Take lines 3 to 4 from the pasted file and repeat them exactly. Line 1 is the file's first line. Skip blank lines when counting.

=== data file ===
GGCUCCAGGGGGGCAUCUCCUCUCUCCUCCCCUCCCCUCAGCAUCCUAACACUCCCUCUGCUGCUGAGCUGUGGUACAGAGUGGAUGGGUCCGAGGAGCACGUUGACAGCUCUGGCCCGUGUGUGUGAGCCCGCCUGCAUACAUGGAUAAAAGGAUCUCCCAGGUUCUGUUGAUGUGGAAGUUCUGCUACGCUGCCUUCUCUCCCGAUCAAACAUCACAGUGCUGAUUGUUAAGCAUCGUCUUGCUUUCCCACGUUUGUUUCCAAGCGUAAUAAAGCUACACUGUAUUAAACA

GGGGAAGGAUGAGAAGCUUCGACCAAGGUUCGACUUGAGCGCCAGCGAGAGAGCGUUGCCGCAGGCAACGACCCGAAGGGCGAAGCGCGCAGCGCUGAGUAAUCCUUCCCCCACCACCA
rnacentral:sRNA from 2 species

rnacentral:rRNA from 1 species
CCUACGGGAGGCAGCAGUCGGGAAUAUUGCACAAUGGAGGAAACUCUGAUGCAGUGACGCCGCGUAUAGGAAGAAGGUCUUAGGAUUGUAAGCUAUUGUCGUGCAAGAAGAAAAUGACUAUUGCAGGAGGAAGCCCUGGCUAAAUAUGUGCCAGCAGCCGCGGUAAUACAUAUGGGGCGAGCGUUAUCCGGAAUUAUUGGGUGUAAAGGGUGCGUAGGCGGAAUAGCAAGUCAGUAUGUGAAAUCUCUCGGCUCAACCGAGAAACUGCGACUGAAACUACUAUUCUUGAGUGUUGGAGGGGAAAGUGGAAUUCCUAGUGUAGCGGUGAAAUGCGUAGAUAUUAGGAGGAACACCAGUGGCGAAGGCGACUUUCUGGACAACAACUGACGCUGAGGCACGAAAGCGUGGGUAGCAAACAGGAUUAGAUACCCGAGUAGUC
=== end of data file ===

rnacentral:sRNA from 2 species

rnacentral:rRNA from 1 species